When Bergen PI Varg Veum finds himself at the funeral of a former classmate on a sleet-grey December afternoon, he’s unexpectedly reunited with his old friend Jakob guitarist of the once-famous 1960s rock band The Harpers and his estranged wife, Rebecca, Veum’s first love. Their rekindled friendship is thrown into jeopardy by the discovery of a horrific murder, and Veum is forced to dig deep into his own adolescence and his darkest memories, to find a motive and a killer…
Few things in life are as satisfying than immersing yourself in a new book by the godfather of Norwegian crime writing, Gunnar Staalesen, and once again Fallen Angels, the latest in the Varg Veum investigations, brings a whole host of new delights, and something different to this long running series…
I am in total admiration of writers who undertake to sustain writing an established series featuring the same central character, and particularly Staalesen who always seems to be able to expose different facets to Veum’s character, which are always plausible and gratifying for the follower of this series. What is noticeable about this book, compared to the previous books, is the more noticeable meditative tone, and the feeling of a greater degree of introspection. There are significantly less of the cynical and wryly humorous asides that this character so often employs, and instead there seems to be a greater degree of digging down into his life and motivations, and an incredibly dark denouement that is both full of pathos and very disturbing. This book gives Veum a chance to ruminate on his life more, as individuals he has known since childhood and his formative years begin to have untimely deaths, forcing Veum to reassess incidents from the past, and how they could have led to these current events.
In one noteworthy passage Veum sums up these exact thoughts, “Childhood is a wound that never heals; your youth a poster someone has tried in vain to tear down. All the years you have lived are here, like dirty footprints in the snow behind you. You have left your own chalk-marks on most of the walls in this town and no charlady has bleach strong enough to wash them off completely. And the child you once were, you will never be again.” Consequently, childhood, life, death, love, friendship, loyalty and betrayal are key themes throughout the book, as Veum attempts to track a determined and vengeful killer, but finds himself immersed in loves lost and betrayals uncovered and exposed in this very personal case. There is a much more sombre tone to this book as a whole, and quite intense examinations of the public vs the private in terms of the character’s lives, and the role of the spiritual and religious as time marches on, and age begins to become a greater concern in Veum’s mind, intensified in the series of murders of his peers, a couple of misjudged entanglements, and also as an important connection is rekindled from the past.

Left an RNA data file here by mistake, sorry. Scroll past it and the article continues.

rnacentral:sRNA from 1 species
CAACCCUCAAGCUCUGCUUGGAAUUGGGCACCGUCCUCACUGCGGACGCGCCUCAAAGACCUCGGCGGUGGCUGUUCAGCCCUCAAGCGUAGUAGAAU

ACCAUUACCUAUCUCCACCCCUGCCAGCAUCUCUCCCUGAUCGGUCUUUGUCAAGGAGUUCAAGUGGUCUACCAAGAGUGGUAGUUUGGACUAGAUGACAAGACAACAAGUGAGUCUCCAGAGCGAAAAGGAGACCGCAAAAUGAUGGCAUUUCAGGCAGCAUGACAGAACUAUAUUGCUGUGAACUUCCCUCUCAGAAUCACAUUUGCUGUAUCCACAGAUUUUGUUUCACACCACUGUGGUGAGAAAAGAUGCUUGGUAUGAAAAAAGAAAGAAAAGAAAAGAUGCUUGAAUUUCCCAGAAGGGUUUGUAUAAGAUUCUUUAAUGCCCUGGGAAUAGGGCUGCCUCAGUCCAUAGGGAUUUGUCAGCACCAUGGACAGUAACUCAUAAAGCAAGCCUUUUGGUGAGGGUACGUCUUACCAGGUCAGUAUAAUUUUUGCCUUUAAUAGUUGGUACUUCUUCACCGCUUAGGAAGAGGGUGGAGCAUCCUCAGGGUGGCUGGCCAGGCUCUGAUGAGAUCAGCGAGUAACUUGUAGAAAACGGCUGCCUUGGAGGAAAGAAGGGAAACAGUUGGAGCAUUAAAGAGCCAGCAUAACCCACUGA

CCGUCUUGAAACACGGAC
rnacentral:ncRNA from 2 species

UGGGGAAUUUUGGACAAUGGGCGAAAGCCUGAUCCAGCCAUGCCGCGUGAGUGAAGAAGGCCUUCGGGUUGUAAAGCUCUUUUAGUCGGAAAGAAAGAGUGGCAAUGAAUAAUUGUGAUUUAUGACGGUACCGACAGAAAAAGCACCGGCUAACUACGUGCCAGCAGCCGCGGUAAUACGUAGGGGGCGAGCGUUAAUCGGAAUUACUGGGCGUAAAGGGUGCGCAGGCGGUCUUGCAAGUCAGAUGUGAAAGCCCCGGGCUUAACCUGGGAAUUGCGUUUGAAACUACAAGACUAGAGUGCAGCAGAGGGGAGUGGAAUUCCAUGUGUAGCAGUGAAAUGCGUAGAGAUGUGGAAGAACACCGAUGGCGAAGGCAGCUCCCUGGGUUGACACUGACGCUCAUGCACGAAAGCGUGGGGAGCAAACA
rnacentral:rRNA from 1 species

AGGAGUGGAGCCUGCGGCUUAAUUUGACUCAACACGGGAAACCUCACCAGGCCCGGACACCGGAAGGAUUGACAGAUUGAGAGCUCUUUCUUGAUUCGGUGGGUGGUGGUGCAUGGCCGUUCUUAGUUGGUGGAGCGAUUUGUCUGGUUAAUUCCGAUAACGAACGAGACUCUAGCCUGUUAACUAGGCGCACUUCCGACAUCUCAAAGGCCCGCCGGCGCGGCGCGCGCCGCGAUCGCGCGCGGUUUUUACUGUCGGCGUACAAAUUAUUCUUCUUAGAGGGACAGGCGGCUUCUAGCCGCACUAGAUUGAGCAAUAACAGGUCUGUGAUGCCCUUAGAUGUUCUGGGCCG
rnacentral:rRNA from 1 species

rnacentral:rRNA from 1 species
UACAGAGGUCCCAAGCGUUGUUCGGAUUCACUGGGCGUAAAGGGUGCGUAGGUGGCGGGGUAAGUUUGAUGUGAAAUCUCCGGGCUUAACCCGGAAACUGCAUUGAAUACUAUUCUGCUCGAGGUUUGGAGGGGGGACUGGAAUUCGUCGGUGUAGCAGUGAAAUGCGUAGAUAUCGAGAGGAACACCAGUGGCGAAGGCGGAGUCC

Once again, Staalesen works wonders for the Norwegian tourist board with his precise and descriptive portrayal of Bergen- both the good and the not so good- and its surrounding landscapes, so as he traverses the country in search of vital clues, the visual representation of these locales is always imbued with clarity and atmosphere. Likewise, there is an almost complete bibliography of the Norwegian music scene from the 1960s onwards, which adds an other layer of interest to the book, and perhaps more starkly as he charts the musical journey of the fictional band, The Harpers, shows the highs and lows of life in the spotlight, the drugs, the groupies, and more brutally how some continue to try and hold on to fame beyond the time they should, when the glory years are indeed well behind them. The central investigation is very deeply imbedded in the events from this period of the band’s success, and like water circling a drain, Veum slowly closes in on the disturbing goings-on before their parting of the ways.
As I said, there is a much more meditative tone to Fallen Angels overall, although Staalesen does seem to get an inordinate amount of pleasure from putting Veum through the emotional wringer fairly consistently in the series. I liked the dark brooding tone to this one, with the growing self awareness Veum gains from revisiting his formative years, his appreciation of his own upbringing, and how this has shaped him on a moral and spiritual level, in contrast to the morally dubious and in some cases, really dislikeable figures from his past. Another satisfying addition to this already excellent series and who knows what awaits Varg Veum in his next investigation… Recommended.
(With thanks to Orenda Books for the ARC)
Missed a post? Catch up at these excellent sites: